This isn’t a book review.
Ron Chernow’s Alexander Hamilton biography has been out for more than a decade, and its been analyzed and dissected every which way, especially since the explosive success of the musical Hamilton.
Which is how I came to it. Kinda how teen fans of the movie Twilight fell backwards into the series of vampire books written by Stephenie Meyer, I did the middle-age equivalent: Through my kids, I went head over heels for the Hamilton soundtrack and musical, then had a burning desire to read the biography that Lin-Manuel Miranda based it on.
Instead of another book review, I’m sharing the life and finance lessons I learned from Alexander Hamilton (and some contemporaries) in this book.
Lesson #1: Birth Is Not Destiny
How much more American is this?
The first lines of the musical summarize well the condition of Hamilton’s early life:
How does a bastard, orphan, son of a whore
And a Scotsman, dropped in the middle of a forgotten spot in the Caribbean by providence impoverished,
In squalor, grow up to be a hero and a scholar?
Let’s see, an illegitimate birth, an absentee father, a mother who died of illness when he was 13, no money, no family name, no proximity to a city, and little in the way of a formal education. Hurdles much?
Many would argue that the Horatio Alger ‘rags to riches’ path is increasingly difficult to navigate in 21st America, where the gap between rich and poor is widening and where money still buys good schools and relationships. And I know that what socio-economic class you are born into is the best predictor of what class you will die in. However, the U.S. is still one of the easiest countries to cross class lines, given the application of some pluck and grit.
Lesson #2: God Uses Disaster and Hardship for Good
What person hasn’t experienced something terrible, then looked back and realized the good that was born from it?
Example 1: Hamilton was essentially orphaned as a boy. No doubt that caused him to become singularly driven and self-sufficient.
Example 2: Hamilton’s home of St. Croix experienced a massive hurricane in August 1772. His published letter detailing the devastating effects of the storm so impressed town elders that they took up a collection to send him to the mainland for schooling. He never returned.
Example 3: Even as a boy, Hamilton understood this principle. When he was 12, he signed off on a letter to a friend in New York with these words: “I wish there was a war.” Hamilton yearned for the tragedy of war so that he could prove his, and his young nation’s, worth. A reckless, juvenile wish, but one from which good arose.
Lesson #3: Get Educated Any Way You Can to Be Ready When Opportunities Arise
Even though he went to New York for a formal education at King’s College (Columbia University today), Hamilton was largely self-taught through voracious reading. He implicitly understood what is still true today – without an education, your odds of success are minuscule.
By the time he got to King’s College, he was already a scholar.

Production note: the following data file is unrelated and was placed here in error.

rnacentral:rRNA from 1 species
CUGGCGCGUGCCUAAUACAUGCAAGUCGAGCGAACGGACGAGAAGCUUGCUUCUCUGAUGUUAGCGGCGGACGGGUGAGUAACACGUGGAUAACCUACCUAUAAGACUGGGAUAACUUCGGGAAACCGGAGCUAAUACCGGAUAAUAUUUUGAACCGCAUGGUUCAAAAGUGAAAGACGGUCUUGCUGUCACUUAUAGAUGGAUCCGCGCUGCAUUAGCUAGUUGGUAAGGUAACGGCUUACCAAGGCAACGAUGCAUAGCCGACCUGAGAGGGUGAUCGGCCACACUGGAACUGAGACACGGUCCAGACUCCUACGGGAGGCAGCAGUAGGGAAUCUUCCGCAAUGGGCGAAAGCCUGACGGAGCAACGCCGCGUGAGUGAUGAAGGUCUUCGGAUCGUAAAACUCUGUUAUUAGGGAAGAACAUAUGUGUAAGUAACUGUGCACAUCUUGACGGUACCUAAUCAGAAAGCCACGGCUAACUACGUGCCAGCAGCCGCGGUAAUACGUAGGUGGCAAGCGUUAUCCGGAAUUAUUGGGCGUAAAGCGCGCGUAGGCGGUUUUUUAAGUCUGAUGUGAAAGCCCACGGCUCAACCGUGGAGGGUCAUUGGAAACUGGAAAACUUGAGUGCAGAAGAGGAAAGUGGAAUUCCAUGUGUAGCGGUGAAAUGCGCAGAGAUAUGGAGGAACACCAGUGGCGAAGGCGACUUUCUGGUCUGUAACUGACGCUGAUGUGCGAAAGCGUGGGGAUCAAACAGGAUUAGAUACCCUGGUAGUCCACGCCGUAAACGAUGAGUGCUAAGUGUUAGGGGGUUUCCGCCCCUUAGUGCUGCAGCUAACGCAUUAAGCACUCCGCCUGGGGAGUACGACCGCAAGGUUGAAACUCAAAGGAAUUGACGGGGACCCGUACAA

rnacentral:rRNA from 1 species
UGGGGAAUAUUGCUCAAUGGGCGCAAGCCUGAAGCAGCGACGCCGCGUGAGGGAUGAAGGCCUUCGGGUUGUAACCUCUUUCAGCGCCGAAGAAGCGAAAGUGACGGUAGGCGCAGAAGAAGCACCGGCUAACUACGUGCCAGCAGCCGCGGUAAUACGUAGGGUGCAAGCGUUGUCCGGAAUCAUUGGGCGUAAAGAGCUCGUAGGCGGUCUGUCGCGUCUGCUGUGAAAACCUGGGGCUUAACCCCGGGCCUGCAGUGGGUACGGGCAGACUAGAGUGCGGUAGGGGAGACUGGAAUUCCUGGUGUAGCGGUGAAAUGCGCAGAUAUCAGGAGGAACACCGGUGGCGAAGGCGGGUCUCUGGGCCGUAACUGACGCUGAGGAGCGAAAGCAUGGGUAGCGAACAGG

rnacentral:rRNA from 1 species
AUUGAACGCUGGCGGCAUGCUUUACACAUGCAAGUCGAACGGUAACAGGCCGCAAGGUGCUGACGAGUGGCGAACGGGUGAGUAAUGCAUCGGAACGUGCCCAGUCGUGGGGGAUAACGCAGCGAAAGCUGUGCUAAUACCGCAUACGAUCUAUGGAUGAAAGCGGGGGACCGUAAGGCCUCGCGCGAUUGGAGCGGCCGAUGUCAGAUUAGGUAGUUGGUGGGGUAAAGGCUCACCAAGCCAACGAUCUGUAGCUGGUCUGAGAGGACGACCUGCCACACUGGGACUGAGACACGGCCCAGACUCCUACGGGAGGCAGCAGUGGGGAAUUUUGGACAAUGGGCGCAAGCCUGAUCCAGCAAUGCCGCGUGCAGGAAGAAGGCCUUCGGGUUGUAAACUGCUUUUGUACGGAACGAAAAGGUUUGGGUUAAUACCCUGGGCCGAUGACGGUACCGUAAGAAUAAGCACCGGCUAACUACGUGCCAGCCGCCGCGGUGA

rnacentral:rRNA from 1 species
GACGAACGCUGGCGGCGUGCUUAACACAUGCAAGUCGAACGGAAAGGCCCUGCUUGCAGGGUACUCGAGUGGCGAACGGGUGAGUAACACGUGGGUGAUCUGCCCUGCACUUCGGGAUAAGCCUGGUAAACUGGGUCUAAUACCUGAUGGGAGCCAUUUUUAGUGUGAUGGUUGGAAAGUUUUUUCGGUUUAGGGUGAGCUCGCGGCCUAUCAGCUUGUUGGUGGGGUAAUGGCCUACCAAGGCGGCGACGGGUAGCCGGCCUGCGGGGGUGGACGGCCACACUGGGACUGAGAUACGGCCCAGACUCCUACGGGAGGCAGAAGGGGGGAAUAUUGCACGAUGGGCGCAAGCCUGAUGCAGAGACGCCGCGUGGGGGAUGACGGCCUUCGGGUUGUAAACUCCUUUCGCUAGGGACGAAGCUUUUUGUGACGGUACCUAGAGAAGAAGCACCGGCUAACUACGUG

By the time he joined the revolutionary war effort, he was already a military expert.
By the time he became a lawyer after the war, he was already a legal expert.
By the time he became a lawmaker, he was already a political expert.
By the time he became treasury secretary, he was already a financial expert.
Hamilton burned the midnight oil (literally) reading and writing and preparing for the next step, so when an opportunity arose, he seized it and ran with it.
Lesson #4: To Be Successful, You Have to Make Sacrifices, Financial and Otherwise
The musical has a line:
We have resorted to eating our horses.
Tough times no doubt, but war is like that. If you have any doubts, read Laura Hillenbrand’s Unbroken. (I highly recommend it, despite some harrowing POW passages).
Hamilton welcomed these sacrifices, but I wanted to highlight some other more subtle sacrifices after the war.
Example 1: When the Congress of the Confederation met in Philadelphia in the early 1780s, a mob of Continental Army soldiers stormed the State House demanding remuneration for unpaid services rendered during the war. Hamilton and his fellow delegates escaped to Princeton, NJ, where the quarters were unusually tight. According to Chernow’s description, future president James Monroe shared a bed in the interim capital with a fellow delegate in a 10’x10′ room.
Can you imagine any of our current political leaders deigning to live like that, even temporarily?
Example 2: When George Washington was elected as our first president, he had to borrow money to travel to the capital in New York. Despite owning 60,000 acres and 300 slaves, Washington was flat out of cash. During the revolution, he refused to accept any pay for his eight years as commander in chief, and he often paid for his officers’ meals and other living expenses. A British raid on Mount Vernon had stripped him of his livestock and many of his slaves.
A real contrast to our current president, who while forgoing a salary, has refused to sever any of his business ties; on the contrary, he visits his properties and shills for his products whenever he can.